Meg Jayanth is a London-based freelance writer and digital producer. She won the UK Writers' Guild award for Best Writing in a Video Game for her work on 2014's acclaimed mobile hit 80 Days, and most recently contributed writing to Failbetter Games' 2015 release Sunless Sea. Follow her on Twitter.
I'm a fan of Telltale Games--I've liked some series more than others, of course, depending on their content and approach, and my own tastes. But as a whole their games have expanded the space for narrative and choice-driven games, which is altogether admirable. With Minecraft: Story Mode they're rivaling the magic of The Walking Dead Season 1--my personal favourite, closely followed by Game of Thrones-- but from a comedic rather than dramatic angle.
And it is funny, and charming, and a little silly. It's a knowing family-friendly romp of a game which feels like an adventure. It was an inspired choice to set it in a present-day analogue rather than "ye olde fantasy times"--it makes the mythic adventure feel fresh even when it embraces familiar tropes. In a sea of grimdark, cynicism, and life-and-death stakes, it's sometimes wonderful to play a game brimming with a sense of fun.
Nina Freeman uses the interface of an online MMO to tell the true story of her first sexual experience: The time she, at 19, fell in love with a boy she played Final Fantasy XI with, and he flew across the country to meet her. In Cibele, Freeman presents a simulacrum of her own computer, full of real youthful selfies, journal entries, and poems, many of them actually kept from that time in her life. Exploring these artifacts made me feel as if I knew young Nina, and gave me a rush of nostalgia. My own experiences growing up online were different, but there's a shared understanding here, a shared vocabulary.
The main arc of Cibele happens in Valtameri, a game-within-a-game whose visual palette is reminiscent of FFXI and other MMOs of its day. You click to cast spells on wicked sprites, but the real reason you're there is to while away hours bonding shyly over voice chat with "Ichi", your guild leader. The audio conversations--in fact, the whole experience of Cibele, assisted by real-world video footage of Freeman herself--felt like a believable record of young love in the digital age and how technology can shape our understanding of intimacy. It's an admirable artistic choice for Freeman to put so much of herself--so honestly--into the work.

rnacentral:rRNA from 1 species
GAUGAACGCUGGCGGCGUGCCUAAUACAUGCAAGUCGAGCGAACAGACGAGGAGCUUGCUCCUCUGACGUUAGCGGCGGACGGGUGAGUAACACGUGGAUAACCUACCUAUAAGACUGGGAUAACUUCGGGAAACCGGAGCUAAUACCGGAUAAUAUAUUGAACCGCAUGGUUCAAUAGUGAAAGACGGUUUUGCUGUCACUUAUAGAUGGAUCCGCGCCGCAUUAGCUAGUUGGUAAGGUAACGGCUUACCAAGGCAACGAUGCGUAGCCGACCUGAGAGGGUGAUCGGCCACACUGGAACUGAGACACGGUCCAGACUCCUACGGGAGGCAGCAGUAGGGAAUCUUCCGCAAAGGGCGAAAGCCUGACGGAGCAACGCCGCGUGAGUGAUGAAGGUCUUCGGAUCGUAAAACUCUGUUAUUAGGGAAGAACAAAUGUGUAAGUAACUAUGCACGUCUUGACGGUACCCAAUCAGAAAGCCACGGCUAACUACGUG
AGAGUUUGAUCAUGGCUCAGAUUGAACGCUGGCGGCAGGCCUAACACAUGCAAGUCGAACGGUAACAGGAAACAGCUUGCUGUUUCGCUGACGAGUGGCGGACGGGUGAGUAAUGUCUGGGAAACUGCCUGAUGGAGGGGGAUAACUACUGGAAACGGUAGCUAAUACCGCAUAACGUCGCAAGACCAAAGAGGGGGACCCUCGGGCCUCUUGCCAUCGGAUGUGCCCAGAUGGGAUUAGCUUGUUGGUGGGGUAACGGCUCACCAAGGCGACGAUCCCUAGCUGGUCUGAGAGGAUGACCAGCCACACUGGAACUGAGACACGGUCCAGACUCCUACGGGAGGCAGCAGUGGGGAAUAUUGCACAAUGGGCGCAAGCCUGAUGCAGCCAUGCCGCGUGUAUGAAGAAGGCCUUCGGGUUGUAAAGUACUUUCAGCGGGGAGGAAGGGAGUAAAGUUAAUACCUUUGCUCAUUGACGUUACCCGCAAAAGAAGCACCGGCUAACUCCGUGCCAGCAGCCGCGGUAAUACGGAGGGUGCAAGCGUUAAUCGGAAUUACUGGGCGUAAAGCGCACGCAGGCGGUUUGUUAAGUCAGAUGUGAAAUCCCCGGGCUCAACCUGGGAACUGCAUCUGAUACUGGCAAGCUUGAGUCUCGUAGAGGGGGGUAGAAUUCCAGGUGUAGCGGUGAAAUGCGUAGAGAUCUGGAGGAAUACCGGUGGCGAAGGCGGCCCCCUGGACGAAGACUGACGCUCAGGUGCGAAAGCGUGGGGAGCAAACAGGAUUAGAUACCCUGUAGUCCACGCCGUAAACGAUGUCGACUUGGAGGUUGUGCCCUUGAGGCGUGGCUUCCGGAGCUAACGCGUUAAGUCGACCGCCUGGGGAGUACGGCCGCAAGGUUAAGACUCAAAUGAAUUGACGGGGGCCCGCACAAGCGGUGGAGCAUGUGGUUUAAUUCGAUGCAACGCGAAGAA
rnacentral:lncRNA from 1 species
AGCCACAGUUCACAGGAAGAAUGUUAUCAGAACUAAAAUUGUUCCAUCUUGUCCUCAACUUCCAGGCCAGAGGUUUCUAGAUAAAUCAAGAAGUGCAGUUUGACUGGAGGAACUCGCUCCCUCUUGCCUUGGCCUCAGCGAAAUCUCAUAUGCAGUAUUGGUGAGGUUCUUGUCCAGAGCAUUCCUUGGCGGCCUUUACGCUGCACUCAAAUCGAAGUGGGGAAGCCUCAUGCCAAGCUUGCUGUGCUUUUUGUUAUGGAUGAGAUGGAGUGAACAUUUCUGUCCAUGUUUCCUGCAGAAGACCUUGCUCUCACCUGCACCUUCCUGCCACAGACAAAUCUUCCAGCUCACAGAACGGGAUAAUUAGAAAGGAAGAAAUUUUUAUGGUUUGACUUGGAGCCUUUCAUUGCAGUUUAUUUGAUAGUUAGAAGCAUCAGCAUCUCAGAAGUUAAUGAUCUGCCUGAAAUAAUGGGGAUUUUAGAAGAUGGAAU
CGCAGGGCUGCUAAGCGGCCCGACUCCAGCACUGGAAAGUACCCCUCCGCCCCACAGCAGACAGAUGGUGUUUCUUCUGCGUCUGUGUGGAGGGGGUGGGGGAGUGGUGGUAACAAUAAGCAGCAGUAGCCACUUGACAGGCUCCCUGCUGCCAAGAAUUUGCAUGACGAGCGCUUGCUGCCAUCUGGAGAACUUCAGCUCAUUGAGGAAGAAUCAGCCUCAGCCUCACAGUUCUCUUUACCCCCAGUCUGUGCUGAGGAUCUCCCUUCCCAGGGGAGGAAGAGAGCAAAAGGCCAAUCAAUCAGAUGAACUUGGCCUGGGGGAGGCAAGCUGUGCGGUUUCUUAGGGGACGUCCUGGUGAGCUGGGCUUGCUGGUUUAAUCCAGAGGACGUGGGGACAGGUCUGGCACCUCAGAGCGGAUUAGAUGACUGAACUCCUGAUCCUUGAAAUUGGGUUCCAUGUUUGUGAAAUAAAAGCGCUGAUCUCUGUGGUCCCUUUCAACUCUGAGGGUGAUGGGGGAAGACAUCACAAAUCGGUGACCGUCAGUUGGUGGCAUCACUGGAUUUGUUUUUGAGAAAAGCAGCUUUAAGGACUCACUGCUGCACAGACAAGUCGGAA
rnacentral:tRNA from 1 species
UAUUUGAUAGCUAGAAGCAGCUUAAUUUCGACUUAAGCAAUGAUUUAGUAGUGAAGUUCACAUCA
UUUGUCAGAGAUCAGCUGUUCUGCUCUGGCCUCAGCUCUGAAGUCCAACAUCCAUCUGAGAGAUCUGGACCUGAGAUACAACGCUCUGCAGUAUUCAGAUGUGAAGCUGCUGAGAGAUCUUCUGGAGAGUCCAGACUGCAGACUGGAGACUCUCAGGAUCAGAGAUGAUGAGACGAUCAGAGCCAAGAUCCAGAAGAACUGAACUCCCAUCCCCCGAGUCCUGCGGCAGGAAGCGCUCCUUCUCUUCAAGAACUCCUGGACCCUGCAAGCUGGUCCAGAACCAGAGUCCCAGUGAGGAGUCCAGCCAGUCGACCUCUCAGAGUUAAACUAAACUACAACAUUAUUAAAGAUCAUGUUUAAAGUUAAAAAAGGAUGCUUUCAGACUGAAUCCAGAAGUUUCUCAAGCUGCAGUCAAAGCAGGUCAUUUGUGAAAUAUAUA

Lots of people hate clowns, but Dropsy is one to love. This lonesome, damp (?), but optimistic clown stands on the fringes of his strange pastel world, watching and wanting to help--and hug--the humans who fear him. It would be easy for a game like this to trade simply in gross-out humour and creepiness, or indulge unpleasantly in disability jokes (Dropsy is mute and has no hands, just rubber balloon appendages). But there is something so relentlessly pure and sweet about this point and click adventure that it stuck with me all year.
It feels modern for a point-and-click, simple and intuitive to learn and play. The puzzles were engaging, and I felt challenged without ever being frustrated. And the soundtrack by Chris Schlarb is entirely unlike anything I've heard in an adventure game before; it turns "traversing screens" into atmospheric wanderings through a wan, poignant circus-dream.
Kitty Horrorshow's Hornets begins with the words "it's your fault the world is ending". It's a beautifully creepy Twine game that unfolds as you try and figure out why and how the world ended. And, maybe more pressingly: what did you do?
Probably it has something to do with the giant, blood-drunk hornets crouching menacingly over the smashed ruins of your town. It is an entirely-invented place, but it feels like a real lost artifact, its markets and landmarks strangely believable. The writing is haunting and delicate, and the game is structured to offer a natural sense of exploration and mystery; it was an interesting conceit to play as a character who knows much more than the player about the world and its circumstances, and continued to do so, even once I had reached the end.
It feels ridiculous to write words about Prune--the best possible recommendation I could give it would be a series of stills captured from the game. But in short: it's a touchscreen game where you swipe to "prune" away branches and errant limbs to allow your tree to grow and blossom. It's minimalist and elegant, both in its art-style and the way the game carefully adds new elements and impediments to keep play challenging.
But it just feels so good--to play, to look at, to listen to. It's so beautiful that the beauty becomes part of its function. Success is marked by a blossoming of flowers and a plinking of notes--but honestly any given moment of play is as aesthetically and meditatively satisfying as "winning".
Renowned Explorers is a highly replayable strategy game of exploration set in the 19th century with a diverse cast of characters and a sprinkling of narrative content, so how could I resist? The game calls its combat "encounters", and for good reason: you can resolve situations through friendliness, deviousness or aggression, usually through a carefully calibrated combination of all three.
You have to constantly monitor the "mood" of your encounter overall, and that of your combatants and enemies, because the mood alters the efficacy of certain skills and attacks. This adds a great layer of strategic complexity, over and above picking a party of three out of a large cast, each with their own abilities, skills and potential. Personally I love the idea of mood as a tactical element that has to be managed--it makes the encounters feel unusual. (In fact it reminds me a little of the way elemental and terrain effects in Divinity: Original Sin made its combat stand out, a clever twist to bring something new to the genre).